‘Women reporting male violence are often disbelieved and blamed’
This International Women’s Day we ask if anything has changed since Sarah Everard’s shocking murder last March.
By Natalie Bloomer
The murder of Sarah Everard shook the nation but with at least 125 women being killed by men in the year since her death, has anything really changed?
This International Women’s Day we speak to Heather Harvey, research and development manager at the women’s organisation nia, about whether Sarah’s death marked a turning point in how we respond to violence against women.
Heather is also taking part in a seminar today organised by Rights of Women Northamptonshire between 1-3pm. To attend via Zoom contact: ROW.Northants@gmail.com
Heather Harvey has more than 25 years experience of working on human rights and equality issues, particularly relating to violence against women. She says that while Sarah Everard’s murder shook many people’s faith in the police and brought some change, a lot more needs to be done to tackle how misogyny and sexism is tackled both in police forces and wider society.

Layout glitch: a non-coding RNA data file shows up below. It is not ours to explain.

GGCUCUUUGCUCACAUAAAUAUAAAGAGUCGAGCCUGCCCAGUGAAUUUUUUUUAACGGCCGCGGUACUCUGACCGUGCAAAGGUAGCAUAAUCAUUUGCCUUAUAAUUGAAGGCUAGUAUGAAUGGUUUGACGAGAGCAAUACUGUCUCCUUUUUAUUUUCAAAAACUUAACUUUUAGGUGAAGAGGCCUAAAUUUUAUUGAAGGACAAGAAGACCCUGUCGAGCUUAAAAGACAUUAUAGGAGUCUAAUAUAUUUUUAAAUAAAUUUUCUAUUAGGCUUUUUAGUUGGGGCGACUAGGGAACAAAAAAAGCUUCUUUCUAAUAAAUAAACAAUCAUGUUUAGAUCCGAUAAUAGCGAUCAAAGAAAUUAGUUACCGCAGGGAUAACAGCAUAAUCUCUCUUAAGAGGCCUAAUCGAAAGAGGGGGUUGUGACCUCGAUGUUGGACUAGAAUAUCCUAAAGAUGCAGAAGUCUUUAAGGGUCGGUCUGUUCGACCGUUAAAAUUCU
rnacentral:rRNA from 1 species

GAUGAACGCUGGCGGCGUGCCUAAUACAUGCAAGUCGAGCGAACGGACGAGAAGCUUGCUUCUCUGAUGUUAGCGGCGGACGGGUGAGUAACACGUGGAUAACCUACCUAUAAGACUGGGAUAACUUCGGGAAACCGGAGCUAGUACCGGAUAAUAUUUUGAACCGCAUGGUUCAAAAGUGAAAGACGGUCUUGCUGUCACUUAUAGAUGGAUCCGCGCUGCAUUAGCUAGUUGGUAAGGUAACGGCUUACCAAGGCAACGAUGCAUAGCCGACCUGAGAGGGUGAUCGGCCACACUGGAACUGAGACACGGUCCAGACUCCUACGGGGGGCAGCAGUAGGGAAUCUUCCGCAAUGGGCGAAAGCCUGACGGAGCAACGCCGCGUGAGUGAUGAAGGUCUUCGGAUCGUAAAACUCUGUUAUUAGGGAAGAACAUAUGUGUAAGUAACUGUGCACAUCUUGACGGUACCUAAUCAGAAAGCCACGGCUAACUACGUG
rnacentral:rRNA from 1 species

“Sarah Everard was almost the perfect victim…What normally happens is that people say ‘it was her own fault, she was out late, she was wearing a short skirt, she should have known better’. The fact there was nothing they could reproach her for and because Wayne Cousins was in the police, people were shocked,” she says.
“If you’re a middle class white person and you haven’t had much dealings with the police then you think and believe they are decent and trustworthy - and there are some great police who do great work but the reality is when you’ve worked with them or been at the receiving end of it, if you’re black or from another minority group or working class or have mental health problems you often find the response you get from the police can be quite damaging, stigmatising and blaming.
“We know from working in the women’s sector that women reporting male violence are often disbelieved and blamed. The woman’s behaviour is scrutinised rather than the perpetrator’s.”